Once that confidence is shattered, it’s hard to get it back. With consumer trust at an all-time low, the only way to compete is to offer the best customer service available. Being late isn’t hospitable and it won’t lead to loyalty.
What Can Agencies Do?
If you’re feeling the effects of missed deadlines by your content vendor or freelancers, know that there are ways to right the ship. It may take a bit of time at the outset, but the end result will make it all worthwhile.
There’s No Such Thing as Too Much Information
As an agency account manager, it’s your job to suss out content requirements with clients and then pass all of that along to the writers. In doing so (or trying to), I’m sure that you’ve faced the prospect of unresponsive clients who want their content and want it now but don’t have the time to talk to you about it, and you’ve probably also dealt with your fair share of clients who don’t understand how much and what information you’ll need.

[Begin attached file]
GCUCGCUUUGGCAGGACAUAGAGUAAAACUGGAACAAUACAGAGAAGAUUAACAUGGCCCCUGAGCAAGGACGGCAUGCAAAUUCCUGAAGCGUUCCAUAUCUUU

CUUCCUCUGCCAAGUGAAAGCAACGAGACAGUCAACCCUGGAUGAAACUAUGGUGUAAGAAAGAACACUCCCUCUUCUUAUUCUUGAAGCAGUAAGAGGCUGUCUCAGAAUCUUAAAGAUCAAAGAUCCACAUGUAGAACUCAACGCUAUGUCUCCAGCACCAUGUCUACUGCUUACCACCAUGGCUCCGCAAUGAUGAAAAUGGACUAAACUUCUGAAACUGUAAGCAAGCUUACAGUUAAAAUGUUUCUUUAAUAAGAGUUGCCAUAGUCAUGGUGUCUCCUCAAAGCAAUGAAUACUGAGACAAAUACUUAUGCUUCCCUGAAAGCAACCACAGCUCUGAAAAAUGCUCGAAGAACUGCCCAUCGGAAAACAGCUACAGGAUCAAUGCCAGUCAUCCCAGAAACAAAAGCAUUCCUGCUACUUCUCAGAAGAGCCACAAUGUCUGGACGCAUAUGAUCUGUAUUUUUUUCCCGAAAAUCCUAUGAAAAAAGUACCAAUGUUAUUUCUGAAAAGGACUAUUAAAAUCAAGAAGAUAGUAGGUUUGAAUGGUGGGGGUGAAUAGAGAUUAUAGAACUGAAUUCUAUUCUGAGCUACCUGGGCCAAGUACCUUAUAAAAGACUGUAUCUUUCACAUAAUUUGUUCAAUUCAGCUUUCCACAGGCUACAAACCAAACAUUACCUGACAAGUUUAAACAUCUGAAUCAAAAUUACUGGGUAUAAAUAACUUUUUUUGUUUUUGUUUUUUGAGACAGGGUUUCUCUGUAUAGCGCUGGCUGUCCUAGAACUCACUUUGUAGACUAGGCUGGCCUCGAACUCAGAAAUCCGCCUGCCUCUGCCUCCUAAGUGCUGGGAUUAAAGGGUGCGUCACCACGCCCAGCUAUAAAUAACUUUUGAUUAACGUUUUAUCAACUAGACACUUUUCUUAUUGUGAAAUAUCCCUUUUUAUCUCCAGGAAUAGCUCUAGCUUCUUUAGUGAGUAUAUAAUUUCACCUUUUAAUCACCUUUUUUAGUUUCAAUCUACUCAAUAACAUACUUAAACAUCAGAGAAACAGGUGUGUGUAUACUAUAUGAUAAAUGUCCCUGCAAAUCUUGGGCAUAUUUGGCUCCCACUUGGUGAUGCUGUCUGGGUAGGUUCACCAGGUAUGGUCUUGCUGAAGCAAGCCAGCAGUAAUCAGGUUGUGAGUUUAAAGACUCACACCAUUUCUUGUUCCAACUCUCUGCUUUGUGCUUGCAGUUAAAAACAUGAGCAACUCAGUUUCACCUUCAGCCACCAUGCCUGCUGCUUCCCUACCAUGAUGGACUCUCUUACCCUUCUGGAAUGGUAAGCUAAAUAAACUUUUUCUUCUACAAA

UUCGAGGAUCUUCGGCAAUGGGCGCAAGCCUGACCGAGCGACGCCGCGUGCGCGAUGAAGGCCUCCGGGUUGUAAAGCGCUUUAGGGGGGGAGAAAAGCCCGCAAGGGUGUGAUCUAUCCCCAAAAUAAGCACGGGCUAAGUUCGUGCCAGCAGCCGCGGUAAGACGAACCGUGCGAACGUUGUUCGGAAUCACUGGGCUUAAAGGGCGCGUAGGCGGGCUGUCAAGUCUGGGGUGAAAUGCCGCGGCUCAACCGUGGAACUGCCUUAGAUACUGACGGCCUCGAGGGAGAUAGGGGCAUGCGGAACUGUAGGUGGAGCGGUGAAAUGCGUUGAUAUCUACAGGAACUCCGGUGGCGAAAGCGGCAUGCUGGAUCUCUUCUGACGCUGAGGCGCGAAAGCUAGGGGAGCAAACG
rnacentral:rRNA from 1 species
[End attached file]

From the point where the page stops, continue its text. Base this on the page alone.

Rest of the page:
If you’re asking a writer to write a city page for Joe’s Plumbing in Dallas, it’s going to be difficult for them to nail it unless they know whether the company’s value proposition is that they’re the cheapest in town, they have highly specialized professionals or they’ve been family owned and operated for three generations, so they know all the idiosyncrasies of the houses in town.
Before ordering content, have your clients fill out client briefs that you can pass along to the writers so they have all the information they need. Make sure you include everything from voice/tone to target audience, how the company name should be presented and any industry terms to use/avoid. This will help keep revision requests at bay and your content swimming along to an on-time delivery.
Incorporate an Editing Layer